; Phantoms and Monsters: Pulse of the Paranormal

Wednesday, August 28, 2013

Guest Post: 'The Shining'

Stephen King’s The Shining is heralded as one of the greatest horror novels of all time, and it informed the script for the Stanley Kubrick film by the same name, which is typically heralded as one of the greatest horror films of all time.

Now, 36 years after the original book was released a sequel, entitled Doctor Sleep: A Novel has been slated for release in September. The new novel will reportedly follow the story of Danny Torrance as an adult. Danny Torrance was, of course, the child with telekinetic powers from the first novel. King has stated that in the new story Torrance is in his 40’s and lives in upstate New York. Torrence now works as a care provider in a hospice and uses his special powers to assist terminally ill patients die peacefully. Somewhere along the line, psychic vampires become involved.

It will be curious to see how this new iteration of the story picks up from where the last one left off. It seems on one hand like an extraordinarily risky endeavor. The original novel was so textured and complex that it didn’t lend itself to being adapted for the screen very easily. And while Kubrick’s film is praised now and is almost always featured on any “Top 10” greatest horror film list, the film was not received warmly when it was first released in 1980. Many critics panned it, and even King himself was vocal about his dissatisfaction with Kubrick’s treatment of the story. King felt that the Kubrick’s film confused the point of the whole story by underplaying the significance of the paranormal entities and focusing too narrow mindedly on the domestic tension. In King’s opinion, Kubrick’s religious skepticism made for a situation where he couldn’t convincingly relay the spiritual undertones which were, in King’s view, the very heart of the story. King felt that Kubrick placed too much emphasis on the declining mental health of the Jack Torrence character, and that Nicholson’s performance was too heavy handed, and made the character harder to sympathize with.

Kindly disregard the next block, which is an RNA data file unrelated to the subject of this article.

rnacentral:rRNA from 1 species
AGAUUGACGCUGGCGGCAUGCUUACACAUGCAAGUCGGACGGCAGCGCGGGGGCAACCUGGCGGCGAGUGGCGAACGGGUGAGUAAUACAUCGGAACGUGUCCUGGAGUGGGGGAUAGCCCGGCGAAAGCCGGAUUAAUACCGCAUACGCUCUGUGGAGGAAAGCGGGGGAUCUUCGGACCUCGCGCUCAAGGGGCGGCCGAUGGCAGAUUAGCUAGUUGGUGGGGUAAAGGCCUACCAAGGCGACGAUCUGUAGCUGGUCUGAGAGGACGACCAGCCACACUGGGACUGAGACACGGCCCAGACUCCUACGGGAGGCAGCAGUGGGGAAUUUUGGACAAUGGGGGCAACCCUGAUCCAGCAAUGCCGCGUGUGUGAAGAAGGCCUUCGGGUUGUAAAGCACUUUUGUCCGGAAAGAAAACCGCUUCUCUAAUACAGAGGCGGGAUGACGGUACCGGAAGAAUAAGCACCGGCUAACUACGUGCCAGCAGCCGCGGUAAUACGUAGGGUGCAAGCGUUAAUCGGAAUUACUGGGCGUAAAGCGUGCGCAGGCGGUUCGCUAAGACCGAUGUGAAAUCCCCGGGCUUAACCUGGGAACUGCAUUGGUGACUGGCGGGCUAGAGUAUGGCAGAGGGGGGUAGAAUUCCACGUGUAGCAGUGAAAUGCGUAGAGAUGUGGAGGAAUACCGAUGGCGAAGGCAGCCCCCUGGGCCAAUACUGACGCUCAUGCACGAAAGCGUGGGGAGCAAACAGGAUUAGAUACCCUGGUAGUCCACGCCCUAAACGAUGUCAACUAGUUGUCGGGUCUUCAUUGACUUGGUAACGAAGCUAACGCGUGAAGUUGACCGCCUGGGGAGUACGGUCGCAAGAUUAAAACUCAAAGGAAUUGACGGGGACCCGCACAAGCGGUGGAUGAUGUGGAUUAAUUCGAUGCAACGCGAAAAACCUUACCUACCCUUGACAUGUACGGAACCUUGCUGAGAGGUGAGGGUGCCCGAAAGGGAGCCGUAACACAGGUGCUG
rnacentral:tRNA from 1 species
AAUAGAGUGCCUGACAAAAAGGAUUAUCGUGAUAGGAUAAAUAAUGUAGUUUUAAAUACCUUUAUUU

And some Stephen King fans even took issue with the numerous plot differences between the novel and the film, including the hedge maze animals which sprang to life in the King story, and were entirely absent from the Kubrick film; the absence of the boiler room from the film, which played a crucial role in the novel itself; and perhaps most significantly, the tonal differences in the way both the film and the novel ended. The novel ends on a more optimistic note, with the young Danny Torrance visiting with the Dick Halloran cook character (portrayed by actor Scatman Crothers in the Kubrick film.) Whereas the Kubrick films ends bleakly, with the Jack Torrence character freezing to death in the hedge maze, and a long, slow zoom of a photograph hanging on the wall, which is dated in the forties, but depicts Nicholson standing in the very front of the crowd.

King went on to direct his own 3 part miniseries adaptation of The Shining for ABC. This afforded King the opportunity to craft a cinematic vision of his story that was closer to his heart, and placed greater narrative emphasis on the supernatural presence in the hotel.

With these conflicting high profile interpretations of the film, it will be curious to see how this new installment of the stories resonates among fans.

Author Bio: Elizabeth Eckhart is a film and entertainment writer for Direct-ticket.net. She still considers the The Shining Jack Nicholson’s most iconic role, and both hopes and fears for a sequel. She lives and works in Chicago.

Doctor Sleep: A Novel

The Shining

The Shining [Blu-ray]

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